The decision T 187/91 states that a specific example within a generic disclosure forming part of the description of the invention in an application as filed is part of the content of the application as filed for the purpose of Article 123(2) EPC if the skilled reader would seriously contemplate such specific example as a possible practical embodiment of the described invention, having regard to its context in the remainder of the application as filed, and subject to any understanding of the skilled reader to the contrary. However, in the present original description and drawings (see page 5, lines 1 to 8; page 15, line 34 to page 16, line 31; page 20, lines 8 to 23; page 21, line 21 to page 22, line 13; page 23, line 13 to page 24, line 12; Fig. 1, 3, 4, 9, 11, 12 and 15), the embodiments disclosed with resonant weights (100, 102) positioned about the sensors also comprise resonant weights (104) positioned about the driver means, and the text locations mentioned here above concerning the particular tuning function of the resonant weights about the sensors are comprised in broader text passages stressing the importance of all the resonant weights, also those about the driver means, especially for tuning the flow meter slightly out of resonance to provide a more stable oscillation (see page 23, lines 13 to 30; Fig. 15). Therefore, contrary to the condition stressed in the decision T 187/91, in the present case, the skilled reader cannot seriously contemplate a specific example of a Coriolis flow meter with resonant weights about the sensors but without resonant weights about the driver means as a possible practical embodiment of the described invention within the generic disclosure of such flow meters in the application as filed; on the contrary, taking into account the whole information derivable from the original application and in particular the teaching about the specific function of each type of resonant weights, the understanding of the skilled reader can only direct him towards a flow meter comprising both types of resonant weights. Therefore, Claim 1 referring to only one type of resonant weights does not satisfy the requirement of Article 123(2) EPC that a European patent application may not be amended in such a way that it contains subject- matter which extends beyond the content of the application as filed. Thus, the main request is not allowable (Art. 97(1) EPC).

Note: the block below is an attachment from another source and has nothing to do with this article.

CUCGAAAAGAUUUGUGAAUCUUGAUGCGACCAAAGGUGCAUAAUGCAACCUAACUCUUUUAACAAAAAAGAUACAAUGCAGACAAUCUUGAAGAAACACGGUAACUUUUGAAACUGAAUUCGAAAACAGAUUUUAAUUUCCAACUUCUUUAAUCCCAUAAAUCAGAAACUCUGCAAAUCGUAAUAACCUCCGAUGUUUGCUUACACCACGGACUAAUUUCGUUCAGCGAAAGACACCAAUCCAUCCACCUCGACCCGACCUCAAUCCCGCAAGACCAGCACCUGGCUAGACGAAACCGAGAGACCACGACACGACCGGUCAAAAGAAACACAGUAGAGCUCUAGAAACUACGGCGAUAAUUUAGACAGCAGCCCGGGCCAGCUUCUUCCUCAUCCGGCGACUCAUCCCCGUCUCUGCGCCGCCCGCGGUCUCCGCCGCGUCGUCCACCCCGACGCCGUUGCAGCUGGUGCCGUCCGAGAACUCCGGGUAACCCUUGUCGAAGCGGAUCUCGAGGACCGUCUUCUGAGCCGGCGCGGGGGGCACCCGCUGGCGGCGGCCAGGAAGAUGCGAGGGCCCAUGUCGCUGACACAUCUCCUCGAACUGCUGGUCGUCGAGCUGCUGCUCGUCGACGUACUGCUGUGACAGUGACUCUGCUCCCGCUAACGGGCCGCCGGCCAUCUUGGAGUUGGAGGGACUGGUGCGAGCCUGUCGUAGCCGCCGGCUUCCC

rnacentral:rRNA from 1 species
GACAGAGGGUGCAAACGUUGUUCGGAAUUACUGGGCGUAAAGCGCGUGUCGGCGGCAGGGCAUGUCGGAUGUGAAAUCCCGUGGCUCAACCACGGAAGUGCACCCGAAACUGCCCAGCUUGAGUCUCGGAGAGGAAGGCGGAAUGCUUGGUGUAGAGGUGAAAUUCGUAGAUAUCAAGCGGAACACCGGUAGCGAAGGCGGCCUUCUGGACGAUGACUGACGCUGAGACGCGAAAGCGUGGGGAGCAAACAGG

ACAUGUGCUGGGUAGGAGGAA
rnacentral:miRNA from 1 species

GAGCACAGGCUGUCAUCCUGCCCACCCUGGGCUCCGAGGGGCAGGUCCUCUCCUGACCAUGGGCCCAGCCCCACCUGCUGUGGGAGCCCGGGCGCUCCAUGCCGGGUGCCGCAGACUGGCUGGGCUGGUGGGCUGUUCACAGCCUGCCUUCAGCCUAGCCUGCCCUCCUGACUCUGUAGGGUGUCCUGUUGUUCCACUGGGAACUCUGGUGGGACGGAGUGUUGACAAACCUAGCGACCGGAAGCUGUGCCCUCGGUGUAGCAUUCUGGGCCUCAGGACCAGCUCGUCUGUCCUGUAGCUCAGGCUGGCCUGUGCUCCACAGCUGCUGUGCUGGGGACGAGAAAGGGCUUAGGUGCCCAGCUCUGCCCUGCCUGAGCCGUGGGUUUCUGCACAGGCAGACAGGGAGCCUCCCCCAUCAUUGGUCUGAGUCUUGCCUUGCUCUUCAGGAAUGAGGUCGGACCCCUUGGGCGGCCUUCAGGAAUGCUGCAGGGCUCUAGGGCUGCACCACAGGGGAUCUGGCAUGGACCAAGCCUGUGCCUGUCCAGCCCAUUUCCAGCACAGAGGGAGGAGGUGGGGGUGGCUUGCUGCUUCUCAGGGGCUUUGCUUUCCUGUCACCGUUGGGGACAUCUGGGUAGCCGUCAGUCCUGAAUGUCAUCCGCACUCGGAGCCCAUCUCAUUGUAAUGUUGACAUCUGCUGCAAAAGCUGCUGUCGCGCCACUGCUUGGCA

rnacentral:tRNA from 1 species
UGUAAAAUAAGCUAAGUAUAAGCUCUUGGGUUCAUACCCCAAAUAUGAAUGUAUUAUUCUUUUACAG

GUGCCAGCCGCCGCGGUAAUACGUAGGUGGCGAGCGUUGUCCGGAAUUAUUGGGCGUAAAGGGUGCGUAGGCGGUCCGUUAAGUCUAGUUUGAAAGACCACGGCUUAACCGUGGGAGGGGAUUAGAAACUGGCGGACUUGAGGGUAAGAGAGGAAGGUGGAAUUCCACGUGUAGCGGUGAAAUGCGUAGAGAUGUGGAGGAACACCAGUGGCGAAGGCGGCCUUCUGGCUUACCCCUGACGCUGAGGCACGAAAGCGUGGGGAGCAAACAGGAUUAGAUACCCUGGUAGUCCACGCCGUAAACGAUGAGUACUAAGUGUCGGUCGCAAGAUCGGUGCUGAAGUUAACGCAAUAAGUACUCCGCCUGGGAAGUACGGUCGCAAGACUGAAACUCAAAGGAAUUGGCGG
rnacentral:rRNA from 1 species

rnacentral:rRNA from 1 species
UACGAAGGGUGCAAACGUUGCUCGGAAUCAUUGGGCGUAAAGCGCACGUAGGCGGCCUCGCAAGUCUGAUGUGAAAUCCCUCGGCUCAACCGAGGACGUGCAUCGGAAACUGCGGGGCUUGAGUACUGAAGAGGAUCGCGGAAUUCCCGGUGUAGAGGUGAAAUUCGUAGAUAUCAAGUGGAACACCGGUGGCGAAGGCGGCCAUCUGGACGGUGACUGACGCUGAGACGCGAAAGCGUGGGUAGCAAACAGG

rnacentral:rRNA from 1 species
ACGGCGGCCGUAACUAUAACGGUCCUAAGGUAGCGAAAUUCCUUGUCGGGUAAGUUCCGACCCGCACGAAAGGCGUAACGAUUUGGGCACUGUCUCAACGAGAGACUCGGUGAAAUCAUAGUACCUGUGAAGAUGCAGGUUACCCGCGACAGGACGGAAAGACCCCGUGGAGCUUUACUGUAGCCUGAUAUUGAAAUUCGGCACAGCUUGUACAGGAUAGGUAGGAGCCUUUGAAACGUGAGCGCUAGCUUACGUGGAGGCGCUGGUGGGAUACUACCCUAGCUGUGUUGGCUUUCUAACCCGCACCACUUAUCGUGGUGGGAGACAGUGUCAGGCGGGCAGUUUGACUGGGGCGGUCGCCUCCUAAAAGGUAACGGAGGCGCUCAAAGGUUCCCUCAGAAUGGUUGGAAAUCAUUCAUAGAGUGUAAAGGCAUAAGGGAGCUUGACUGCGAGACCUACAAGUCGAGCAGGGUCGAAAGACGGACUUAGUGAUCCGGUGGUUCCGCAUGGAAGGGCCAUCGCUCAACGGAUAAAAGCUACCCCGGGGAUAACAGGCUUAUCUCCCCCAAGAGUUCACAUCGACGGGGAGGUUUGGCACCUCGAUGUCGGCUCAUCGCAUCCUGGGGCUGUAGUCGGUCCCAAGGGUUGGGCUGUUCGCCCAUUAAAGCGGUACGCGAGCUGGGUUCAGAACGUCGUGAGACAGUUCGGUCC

3. First auxiliary request

3.1. Allowability of the amendments

The original application indeed comprises information concerning the method of operating the Coriolis flow meter. This information is formed of a plurality of text passages concerning the different device features disclosed by using a functional definition thereof whereby particular steps of the method of operating the device are stressed in relation to Fig. 13D and 14D. However, a method comprising all the steps listed in present Claim 13 can only result from a combination of selected information concerning method steps and apparatus features which is not directly and unambiguously derivable from the application as filed. Therefore, Claim 13 does not satisfy the requirement of Article 123(2) EPC that a European patent application may not be amended in such a way that it contains subject- matter which extends beyond the content of the application as filed and, thus, the first auxiliary request is not allowable (Art. 97(1) EPC).

4. Second auxiliary request

4.1. Allowability of the amendments